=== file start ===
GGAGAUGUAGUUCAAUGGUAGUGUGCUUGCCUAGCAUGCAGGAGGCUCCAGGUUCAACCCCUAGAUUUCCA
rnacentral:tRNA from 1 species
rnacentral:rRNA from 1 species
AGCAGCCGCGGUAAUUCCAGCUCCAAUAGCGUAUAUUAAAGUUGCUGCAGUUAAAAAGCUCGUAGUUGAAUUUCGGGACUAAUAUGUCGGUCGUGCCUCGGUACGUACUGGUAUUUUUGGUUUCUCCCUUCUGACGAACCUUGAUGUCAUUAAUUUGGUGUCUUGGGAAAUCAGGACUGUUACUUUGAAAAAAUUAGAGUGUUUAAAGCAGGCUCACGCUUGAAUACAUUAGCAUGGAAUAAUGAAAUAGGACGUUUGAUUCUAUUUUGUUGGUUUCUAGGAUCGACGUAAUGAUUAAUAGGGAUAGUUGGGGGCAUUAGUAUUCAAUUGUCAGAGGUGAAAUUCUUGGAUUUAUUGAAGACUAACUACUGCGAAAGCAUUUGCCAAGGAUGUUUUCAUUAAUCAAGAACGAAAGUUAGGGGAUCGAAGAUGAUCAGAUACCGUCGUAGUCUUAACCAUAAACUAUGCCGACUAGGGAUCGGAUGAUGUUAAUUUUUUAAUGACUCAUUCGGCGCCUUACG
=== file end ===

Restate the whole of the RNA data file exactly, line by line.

GGAGAUGUAGUUCAAUGGUAGUGUGCUUGCCUAGCAUGCAGGAGGCUCCAGGUUCAACCCCUAGAUUUCCA
rnacentral:tRNA from 1 species
rnacentral:rRNA from 1 species
AGCAGCCGCGGUAAUUCCAGCUCCAAUAGCGUAUAUUAAAGUUGCUGCAGUUAAAAAGCUCGUAGUUGAAUUUCGGGACUAAUAUGUCGGUCGUGCCUCGGUACGUACUGGUAUUUUUGGUUUCUCCCUUCUGACGAACCUUGAUGUCAUUAAUUUGGUGUCUUGGGAAAUCAGGACUGUUACUUUGAAAAAAUUAGAGUGUUUAAAGCAGGCUCACGCUUGAAUACAUUAGCAUGGAAUAAUGAAAUAGGACGUUUGAUUCUAUUUUGUUGGUUUCUAGGAUCGACGUAAUGAUUAAUAGGGAUAGUUGGGGGCAUUAGUAUUCAAUUGUCAGAGGUGAAAUUCUUGGAUUUAUUGAAGACUAACUACUGCGAAAGCAUUUGCCAAGGAUGUUUUCAUUAAUCAAGAACGAAAGUUAGGGGAUCGAAGAUGAUCAGAUACCGUCGUAGUCUUAACCAUAAACUAUGCCGACUAGGGAUCGGAUGAUGUUAAUUUUUUAAUGACUCAUUCGGCGCCUUACG